I refuse to be the girl who sits back and forgets about the other half. Instead, I want to reach down and pull others up. Do more than pull up a person. Reach down, pull up another, and teach them to do the same. Teach the “leaders to be leaders”. Be the dream – giver. Show them to give to the communities they came from. For the other half, exposing them to the world they never knew existed. I pray every person discovers their calling and how they can influence the community for the better.

 

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Weekend Wanderer: The Story of My Life

A loss of words. Something I rarely have. The last 24 hours or so has been a whirlwind. One of the people, places, and memories clashing. Moments of discovering, enlightenment, and exploration. I get asked a lot why I do what I do – walk into strangers houses in neighborhoods some won’t even enter. Today I can fully explain why.

My weekend wanderings led to St. Louis. Friends that are very close to me have told me I should write a book. One describing my life thus far. I frequently get told I’ve lived a lot of life for my age. Perhaps that’s true. My record for living the longest place is 8 years. That would be St. Louis. Stories friends have heard have surprised them.

Reality is what I discovered. As an almost 15-year-old girl, I was angry, upset, and miserable that my parents would make me leave my beloved home. This trip was my journey to the place I revered in my head. The reality was something different. Exploring my hometown as a grown woman and social worker, showed me the reality of St. Louis. The following is a photo journal into my past. Possibly what could be the start of a future book.

FullSizeRender 81The reason we moved to St. Louis. My parents finished Bible College when I was 6 years old and we were sent to this church. They were two of many ministers within the church. We went to church 3- 4 times a week outside of Sunday. On Sunday, we went twice. As a child, I would spend Saturday mornings at church with other children while my parents went door-to-door knocking in every neighborhood to get people to church. I have many clashing memories of joy and sorrow within this church.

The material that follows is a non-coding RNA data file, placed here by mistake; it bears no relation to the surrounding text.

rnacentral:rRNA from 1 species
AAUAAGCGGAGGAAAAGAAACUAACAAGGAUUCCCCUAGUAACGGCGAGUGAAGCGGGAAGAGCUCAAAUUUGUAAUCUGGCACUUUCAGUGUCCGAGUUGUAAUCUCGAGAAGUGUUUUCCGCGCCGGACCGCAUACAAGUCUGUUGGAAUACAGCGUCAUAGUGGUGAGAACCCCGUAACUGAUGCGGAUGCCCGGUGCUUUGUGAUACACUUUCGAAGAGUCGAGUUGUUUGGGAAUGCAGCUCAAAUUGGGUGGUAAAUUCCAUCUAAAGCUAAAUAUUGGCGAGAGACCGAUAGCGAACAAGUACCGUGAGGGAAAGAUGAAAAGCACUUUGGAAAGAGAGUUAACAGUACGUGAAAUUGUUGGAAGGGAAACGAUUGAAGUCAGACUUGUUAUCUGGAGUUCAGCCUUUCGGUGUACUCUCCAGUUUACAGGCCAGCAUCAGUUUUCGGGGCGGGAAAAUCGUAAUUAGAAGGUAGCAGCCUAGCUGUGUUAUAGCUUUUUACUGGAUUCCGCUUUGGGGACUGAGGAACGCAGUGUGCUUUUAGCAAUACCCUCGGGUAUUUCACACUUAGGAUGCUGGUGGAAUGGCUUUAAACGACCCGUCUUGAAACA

I was able to see the woman who used to take us children to the park every Saturday morning and buy us pizza for lunch some days. Memories of running through the halls of the church playing hide-and-seek filled my mind. Also, the memories of watching minister’s families trying to one-up the other in “Christian holiness and perfection” filled my mind. The sermon demonstrated once again that you would never be good enough for God and He will leave you because of you. However, I also remembered the wonderful people in my life who did love me and got to see several of them at church:) My visit ended abruptly outside when gunshots started sounding through the air in the early night hours. Similar to the abrupt ending of many friendships after many of my very close friends at church disappeared without a trace when I was a preteen.

These two pictures show the first places we lived in St. Louis. I have many fond memories of the first building. My parents closest friends lived in that building. Where the windows are is where we snuck and watched “What A Girl Wants” (Still one of my all-time favorite movies). Our families weren’t allowed to watch television as a part of my church and sometimes we would watch movies at this house. When we first moved, my parents and I lived with this couple and three children. It was so much fun!!!

I have memories of all four of us kids sleeping in the living room while the adults had the two bedrooms. You can imagine how exciting it felt to have that many other kids near my age in the house. The right picture shows that my parents ended up moving right down the block and we were still able to be close. I remember setting off fireworks one fourth of July in the street there and continually being on that street through many of my St. Louis years. These people and this area was a very fond memory.

Visiting Ames brought up some of my favorite memories of all. As a second grader, I was accepted into this public school that had a focus on visual performing arts. Throughout my four years there, I was able to take vocal music and art, as well as some piano classes.  In my second grade class, we had a pet squirrel that we took care of. Third grade was with Mr. Leisure who was one of my all-time favorite teachers. He put me in the school spelling bee and also had me back to his class once every year through fifth-grade graduation as one of his favorite students (yes, I was a teacher’s pet lol).